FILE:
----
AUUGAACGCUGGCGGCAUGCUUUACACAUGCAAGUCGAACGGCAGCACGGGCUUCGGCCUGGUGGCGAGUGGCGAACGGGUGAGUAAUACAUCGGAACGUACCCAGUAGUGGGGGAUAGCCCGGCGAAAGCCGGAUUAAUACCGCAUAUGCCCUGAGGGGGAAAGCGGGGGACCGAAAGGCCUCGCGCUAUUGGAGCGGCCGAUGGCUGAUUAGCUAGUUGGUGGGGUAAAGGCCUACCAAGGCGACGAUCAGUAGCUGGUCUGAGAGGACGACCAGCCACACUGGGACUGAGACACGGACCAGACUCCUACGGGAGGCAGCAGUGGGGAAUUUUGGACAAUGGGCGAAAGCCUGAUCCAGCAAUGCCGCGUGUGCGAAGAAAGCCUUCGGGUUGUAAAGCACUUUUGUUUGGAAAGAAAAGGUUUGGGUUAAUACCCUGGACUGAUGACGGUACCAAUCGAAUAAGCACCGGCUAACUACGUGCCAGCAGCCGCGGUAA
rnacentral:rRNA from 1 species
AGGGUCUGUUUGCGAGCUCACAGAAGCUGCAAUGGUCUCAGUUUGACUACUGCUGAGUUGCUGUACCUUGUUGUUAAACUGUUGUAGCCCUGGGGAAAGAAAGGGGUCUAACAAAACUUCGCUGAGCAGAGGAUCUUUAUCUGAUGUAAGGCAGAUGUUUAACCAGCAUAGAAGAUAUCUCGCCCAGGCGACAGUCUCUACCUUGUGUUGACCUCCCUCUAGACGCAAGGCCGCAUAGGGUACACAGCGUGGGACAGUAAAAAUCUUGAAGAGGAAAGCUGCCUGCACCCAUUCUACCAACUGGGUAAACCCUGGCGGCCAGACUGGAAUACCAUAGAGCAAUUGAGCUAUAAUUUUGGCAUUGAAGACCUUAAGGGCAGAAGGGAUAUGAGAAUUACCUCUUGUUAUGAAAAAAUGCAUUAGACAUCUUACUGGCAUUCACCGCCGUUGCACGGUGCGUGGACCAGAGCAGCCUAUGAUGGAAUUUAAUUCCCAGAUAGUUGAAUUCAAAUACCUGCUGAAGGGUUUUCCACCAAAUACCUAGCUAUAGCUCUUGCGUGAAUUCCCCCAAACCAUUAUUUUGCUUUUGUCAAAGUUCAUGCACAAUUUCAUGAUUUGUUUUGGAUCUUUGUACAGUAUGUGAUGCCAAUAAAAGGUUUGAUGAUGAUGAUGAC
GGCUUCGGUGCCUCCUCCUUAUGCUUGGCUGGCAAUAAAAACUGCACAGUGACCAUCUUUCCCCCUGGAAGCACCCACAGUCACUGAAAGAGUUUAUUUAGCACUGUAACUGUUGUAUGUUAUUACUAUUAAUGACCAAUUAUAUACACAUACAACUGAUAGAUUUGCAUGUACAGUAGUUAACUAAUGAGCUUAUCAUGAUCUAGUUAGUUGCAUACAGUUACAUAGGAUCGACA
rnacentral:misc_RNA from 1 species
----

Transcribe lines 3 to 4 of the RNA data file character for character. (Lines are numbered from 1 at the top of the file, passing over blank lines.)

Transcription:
AGGGUCUGUUUGCGAGCUCACAGAAGCUGCAAUGGUCUCAGUUUGACUACUGCUGAGUUGCUGUACCUUGUUGUUAAACUGUUGUAGCCCUGGGGAAAGAAAGGGGUCUAACAAAACUUCGCUGAGCAGAGGAUCUUUAUCUGAUGUAAGGCAGAUGUUUAACCAGCAUAGAAGAUAUCUCGCCCAGGCGACAGUCUCUACCUUGUGUUGACCUCCCUCUAGACGCAAGGCCGCAUAGGGUACACAGCGUGGGACAGUAAAAAUCUUGAAGAGGAAAGCUGCCUGCACCCAUUCUACCAACUGGGUAAACCCUGGCGGCCAGACUGGAAUACCAUAGAGCAAUUGAGCUAUAAUUUUGGCAUUGAAGACCUUAAGGGCAGAAGGGAUAUGAGAAUUACCUCUUGUUAUGAAAAAAUGCAUUAGACAUCUUACUGGCAUUCACCGCCGUUGCACGGUGCGUGGACCAGAGCAGCCUAUGAUGGAAUUUAAUUCCCAGAUAGUUGAAUUCAAAUACCUGCUGAAGGGUUUUCCACCAAAUACCUAGCUAUAGCUCUUGCGUGAAUUCCCCCAAACCAUUAUUUUGCUUUUGUCAAAGUUCAUGCACAAUUUCAUGAUUUGUUUUGGAUCUUUGUACAGUAUGUGAUGCCAAUAAAAGGUUUGAUGAUGAUGAUGAC
GGCUUCGGUGCCUCCUCCUUAUGCUUGGCUGGCAAUAAAAACUGCACAGUGACCAUCUUUCCCCCUGGAAGCACCCACAGUCACUGAAAGAGUUUAUUUAGCACUGUAACUGUUGUAUGUUAUUACUAUUAAUGACCAAUUAUAUACACAUACAACUGAUAGAUUUGCAUGUACAGUAGUUAACUAAUGAGCUUAUCAUGAUCUAGUUAGUUGCAUACAGUUACAUAGGAUCGACA